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Polymorphism. Given a method defined only in the parent class, I am surprised to see this output

 
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modified Sybex OCP-17 tb864615.OCPJAVASE17PT.c03.084

I have a method defined only in the parent class and members with the same name in both parent and child classes.
Given that I have a reference to a child instance, I expected  that invoking the parent method on it, would always refer to the child member.
RocketShip extends Ship and I have a RocketShip reference.
I am surprised to see that the parent method always refers to the parent member.

OUTPUT


get specs using this  3,5    2,4
get specs without using this 3,5    2,4









 
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Your confusion is caused by one or two mistakes in your understanding.

First, polymorphism only applies to non-private instance methods. It doesn't apply to fields. So when the Ship class refers to weight or height, it will always be the weight or height field that is a member of the Ship class, not the field that is declared in the RocketShip class. Fields also don't override each other: RocketShip.weight is a completely different and unrelated field to Ship.weight.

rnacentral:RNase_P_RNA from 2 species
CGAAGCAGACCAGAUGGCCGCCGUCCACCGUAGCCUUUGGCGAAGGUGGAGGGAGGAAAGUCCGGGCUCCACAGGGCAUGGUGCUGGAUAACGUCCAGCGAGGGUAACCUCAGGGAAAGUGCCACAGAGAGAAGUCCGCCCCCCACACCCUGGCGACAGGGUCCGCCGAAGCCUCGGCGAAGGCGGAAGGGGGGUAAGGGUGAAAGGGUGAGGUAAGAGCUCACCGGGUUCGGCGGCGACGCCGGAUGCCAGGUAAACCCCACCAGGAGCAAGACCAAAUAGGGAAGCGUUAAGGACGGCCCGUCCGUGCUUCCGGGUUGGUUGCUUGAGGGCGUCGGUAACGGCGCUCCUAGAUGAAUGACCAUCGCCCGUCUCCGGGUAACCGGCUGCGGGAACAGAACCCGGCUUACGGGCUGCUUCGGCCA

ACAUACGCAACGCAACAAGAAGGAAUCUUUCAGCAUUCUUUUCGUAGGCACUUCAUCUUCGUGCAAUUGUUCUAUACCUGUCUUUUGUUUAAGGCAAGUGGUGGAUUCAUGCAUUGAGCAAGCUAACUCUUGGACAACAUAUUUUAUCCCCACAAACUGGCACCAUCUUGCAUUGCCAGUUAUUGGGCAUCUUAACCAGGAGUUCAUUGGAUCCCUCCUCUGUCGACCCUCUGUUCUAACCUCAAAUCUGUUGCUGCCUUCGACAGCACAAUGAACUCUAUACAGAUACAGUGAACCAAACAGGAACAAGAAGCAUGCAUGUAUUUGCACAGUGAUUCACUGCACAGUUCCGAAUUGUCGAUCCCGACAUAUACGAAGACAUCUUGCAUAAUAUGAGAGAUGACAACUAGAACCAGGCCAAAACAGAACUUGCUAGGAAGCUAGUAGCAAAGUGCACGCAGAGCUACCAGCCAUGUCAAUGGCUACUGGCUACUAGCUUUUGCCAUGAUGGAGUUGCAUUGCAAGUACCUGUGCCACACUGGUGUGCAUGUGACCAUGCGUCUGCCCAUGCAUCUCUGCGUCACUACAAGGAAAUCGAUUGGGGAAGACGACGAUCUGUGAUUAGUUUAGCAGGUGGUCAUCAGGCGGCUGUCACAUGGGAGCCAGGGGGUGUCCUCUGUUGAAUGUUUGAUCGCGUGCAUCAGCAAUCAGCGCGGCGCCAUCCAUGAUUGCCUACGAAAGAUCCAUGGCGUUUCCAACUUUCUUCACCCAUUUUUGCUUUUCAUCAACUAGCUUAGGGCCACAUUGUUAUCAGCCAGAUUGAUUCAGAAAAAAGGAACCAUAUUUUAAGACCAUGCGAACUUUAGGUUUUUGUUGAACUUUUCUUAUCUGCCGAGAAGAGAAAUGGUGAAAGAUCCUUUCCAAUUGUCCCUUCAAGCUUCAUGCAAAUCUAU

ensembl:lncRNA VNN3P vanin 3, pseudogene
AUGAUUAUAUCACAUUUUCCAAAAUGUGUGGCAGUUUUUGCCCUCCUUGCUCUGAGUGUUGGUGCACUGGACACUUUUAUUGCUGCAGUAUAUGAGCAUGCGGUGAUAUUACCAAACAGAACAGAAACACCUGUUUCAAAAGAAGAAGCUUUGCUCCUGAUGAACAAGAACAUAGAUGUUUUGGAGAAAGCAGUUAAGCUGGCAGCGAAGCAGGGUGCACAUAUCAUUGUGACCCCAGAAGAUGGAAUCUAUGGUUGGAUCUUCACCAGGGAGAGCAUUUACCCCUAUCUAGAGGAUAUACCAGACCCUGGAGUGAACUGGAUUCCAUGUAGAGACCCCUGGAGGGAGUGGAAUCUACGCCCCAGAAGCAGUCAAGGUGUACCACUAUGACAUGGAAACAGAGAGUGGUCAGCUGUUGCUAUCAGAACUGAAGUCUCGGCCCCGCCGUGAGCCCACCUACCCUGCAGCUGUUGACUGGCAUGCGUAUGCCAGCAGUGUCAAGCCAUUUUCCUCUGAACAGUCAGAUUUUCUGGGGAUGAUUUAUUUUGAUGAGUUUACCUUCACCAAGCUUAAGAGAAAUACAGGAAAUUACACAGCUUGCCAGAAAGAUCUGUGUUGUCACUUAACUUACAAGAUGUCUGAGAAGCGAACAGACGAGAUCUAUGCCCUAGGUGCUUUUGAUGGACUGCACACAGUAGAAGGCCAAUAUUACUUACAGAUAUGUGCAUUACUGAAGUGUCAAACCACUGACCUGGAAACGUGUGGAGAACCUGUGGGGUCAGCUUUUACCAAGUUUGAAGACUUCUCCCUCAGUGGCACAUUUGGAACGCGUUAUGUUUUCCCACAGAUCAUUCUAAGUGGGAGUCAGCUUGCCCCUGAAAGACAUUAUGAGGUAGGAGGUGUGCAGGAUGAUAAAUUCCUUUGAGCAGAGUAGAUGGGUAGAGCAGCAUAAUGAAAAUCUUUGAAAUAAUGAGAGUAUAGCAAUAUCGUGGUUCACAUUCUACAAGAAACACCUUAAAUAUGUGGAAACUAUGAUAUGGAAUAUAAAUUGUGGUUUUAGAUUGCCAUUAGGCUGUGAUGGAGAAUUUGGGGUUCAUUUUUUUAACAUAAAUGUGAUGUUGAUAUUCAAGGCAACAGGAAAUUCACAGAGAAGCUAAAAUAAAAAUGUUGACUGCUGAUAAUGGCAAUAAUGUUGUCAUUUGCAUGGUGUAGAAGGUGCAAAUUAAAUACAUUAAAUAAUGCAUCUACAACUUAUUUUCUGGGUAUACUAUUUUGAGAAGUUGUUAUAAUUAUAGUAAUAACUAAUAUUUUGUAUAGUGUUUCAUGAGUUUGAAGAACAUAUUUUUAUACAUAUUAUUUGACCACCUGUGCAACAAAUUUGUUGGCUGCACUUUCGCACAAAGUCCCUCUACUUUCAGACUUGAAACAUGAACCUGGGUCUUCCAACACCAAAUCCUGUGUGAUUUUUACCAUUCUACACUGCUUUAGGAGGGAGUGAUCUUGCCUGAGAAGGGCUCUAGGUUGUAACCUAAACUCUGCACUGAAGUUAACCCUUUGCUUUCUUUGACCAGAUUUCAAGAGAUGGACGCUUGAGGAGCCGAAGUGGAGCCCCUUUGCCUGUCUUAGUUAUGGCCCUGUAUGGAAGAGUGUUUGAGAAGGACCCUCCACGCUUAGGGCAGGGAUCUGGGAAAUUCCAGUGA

Secondly, it appears that you think think line 10 in the Ship class should do something different than line 18, just because you used the this keyword. The two lines mean exactly the same thing, regardless of whether you used the this keyword: Access Ship.height on the current object. You should treat the this keyword as if it's a special hidden method parameter with the same type as the enclosing class:
 
Anil Philip
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Thank you for your reply.
It is a RocketShip instance, not a Ship.

There is only one 'this'. Is that statement correct?
If so, shouldn't 'this' refer to the RocketShip data?
 
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Anil Philip wrote:. . . a method defined only in the parent class . . .

Please don't say parent class and child class, even though many people do. Say superclass and subclass (or subtype). Maybe the C# terms, base class and derived class, are better.

members with the same name in both . . . classes.

What sort of members? Do you mean fields with the same name? Please use the correct terminology; that will make it much easier to get good answers.
It is usually a bad idea to have fields with the same name in a superclass and a subclass. Since fields are not polymorphic (as Stephan has already told you), they undergo static/early/compile‑time binding and that can cause no end of confusion.
I take it you realise that Stephan's code with this is a concept rather than an example that will actually compile.